Details of the Receiver Selector relay in the basement of building No. 1, and of the Transmitter in apartment #1, are shown in Fig. 3. The Receiver Selector relay is directly connected to the main telephone line I, comprising the wires I and II (Figs. l and 3). A polarized relay is connected to close one of two different circuits, depending upon the polarity or direction of the pulse sent over the telephone line I into relay Winding IB. Said relay comprises movable blade I5, the position o1 which is controlled by the polarity of energization of Winding I6. If the sense or polarity of the pulse is positive, as indicated by the arrow pointing to the leit in Fig. 3, the contact blade I5 is moved in the opposite direction to close the circuit across the two contacts I9 and 20, to the right in Fig. 3. When so moved, the blade I5 closes a circuit from battery 23, through the leads 2I and 22 to energize and operate solenoid 24, moving a reciprocating pawl 25 downwardly and advancing the ratchet wheel 2S one step upon deenergization of 24.
The pawl and ratchet mechanism described above are part of a rotary stepping switch 26A having the contact arm 21 provided for sweeping a series of contacts arranged arcuately in its path. Said contacts are arranged in order and number corresponding to the receiver sets in the various apartments of building No. l. Thus contact 3i) corresponds to the television receiver in apartment #1 and Contact 3| to the AM radio receiver in the same apartment. Both these contacts are connected to lead wire 32 which, through panel 33, connects with wire I for the transmitter in apartment #1. Thus it will be evident that after a positive pulse is sent over the line I (wires I0 and II), as indicated by the arrow pointing to the left, the ratchet wheel 26 will be rotated one notch to position the switch arm 21 on the next succeeding contact point of the rotary stepping switch 26A. Accordingly the cessation of the first such positive impulse will cause the rotary switch arm 2'! to step to contact 3U and connect wiper 21 to the transmitter for apartment #l through line I.
The device shown within the dot-and-dash lines in Fig. 3 comprise construction and wiring of the transmitter for apartment #1. It will be understood that the construction and wiring of the transmitter provided for each apartment or home will be essentially the same.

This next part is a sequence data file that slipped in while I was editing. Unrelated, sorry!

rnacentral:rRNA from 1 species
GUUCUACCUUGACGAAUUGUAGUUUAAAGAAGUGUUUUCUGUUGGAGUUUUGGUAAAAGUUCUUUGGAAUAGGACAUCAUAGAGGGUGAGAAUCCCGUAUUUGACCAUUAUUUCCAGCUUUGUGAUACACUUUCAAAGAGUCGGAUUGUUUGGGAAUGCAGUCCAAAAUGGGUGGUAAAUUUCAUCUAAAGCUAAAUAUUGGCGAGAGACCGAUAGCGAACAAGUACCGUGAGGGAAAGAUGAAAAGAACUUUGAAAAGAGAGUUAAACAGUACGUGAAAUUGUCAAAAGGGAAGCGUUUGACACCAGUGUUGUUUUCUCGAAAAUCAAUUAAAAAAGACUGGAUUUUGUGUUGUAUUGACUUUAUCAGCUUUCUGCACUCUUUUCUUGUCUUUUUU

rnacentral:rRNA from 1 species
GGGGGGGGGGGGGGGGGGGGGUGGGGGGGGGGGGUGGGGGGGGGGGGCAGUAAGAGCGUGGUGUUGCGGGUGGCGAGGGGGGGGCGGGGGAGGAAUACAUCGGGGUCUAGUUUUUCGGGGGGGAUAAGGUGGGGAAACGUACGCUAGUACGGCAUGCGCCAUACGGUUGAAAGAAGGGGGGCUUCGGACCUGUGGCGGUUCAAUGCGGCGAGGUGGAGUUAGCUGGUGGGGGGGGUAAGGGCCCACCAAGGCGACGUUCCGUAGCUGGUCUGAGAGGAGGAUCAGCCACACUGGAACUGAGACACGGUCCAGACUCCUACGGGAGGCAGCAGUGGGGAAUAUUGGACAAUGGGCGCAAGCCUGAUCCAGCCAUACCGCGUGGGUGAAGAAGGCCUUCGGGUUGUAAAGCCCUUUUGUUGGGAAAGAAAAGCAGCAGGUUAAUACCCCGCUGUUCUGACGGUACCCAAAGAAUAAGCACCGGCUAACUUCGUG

In Fig. 3, above the dot-and-dash line, is shown the construction and wiring provided at the television receiver set in apartment #1. A similar construction is provided at each receiver, whether television or radio. Said construction comprises a selector switch 35 having a rotatable arm 36 mechanically coupled to turn with the selector knob or dial 35' or other tuning device of the receiver. Arm 36 cooperates with a series of contact points, said points corresponding to the various channels or stations to which the TV or other set may be tuned. Thus in the example shown, there are four such contact points 31a, 31h, 31e and 31d, each of which is provided with a conductor Wire indicated as 38a, 38D, 38C and 38d, respectively. The contact arm 36 is connected by conductor 39 to oir-normal contact 4 IA cooperating with movable relay contact 4I which is connected to lead 40. This movable contact 4I of relay 42 is operated by energization of the winding of relay 42, which winding is in series with the energizing power circuit 43 of the television receiver. Thus when the receiver is turned on, said relay contacts will be closed and the contact arm 3B is effective in a circuit.
The transmitter for apartment #1 is adapted to scan successively the tuned-in settings of the receivers in the apartment and transmit signals in accordance with such settings. For this purpose, the transmitter comprises a rotary stepping switch generally indicated at 45, having rotatable twin contact arms 45, designed for a 180 sweep. A group of pulse transmitting contacts 47, shown as eight in number, are mounted in the path of travel or the arm 40 and are all interconnected by a jumper 48. A group of other contacts 45 are also in the path of travel of arm 45. The contacts making up. one group alternate with the contacts making up the other group. It will be noted that in group 45, contact 49a is connected to tuner contact 37a, through panel 50 while contact lieb is connected to 33h; 45e to 33e; and 45d to 38d. Additional contacts are shown for possible connection to a. greater number of station tuning contacts than the four shown. For
the purpose of rotating contact arm 45, a synchronous A. C. motor 55 is operatively connected to the switch arm by shaft 55 and a switch operating control cam 5'! is mounted on said shaft. As indicated, the motor 55 is geared to effect 180 rotation of the switch arm 45 in 3 seconds, this constituting a cycle for motor 55.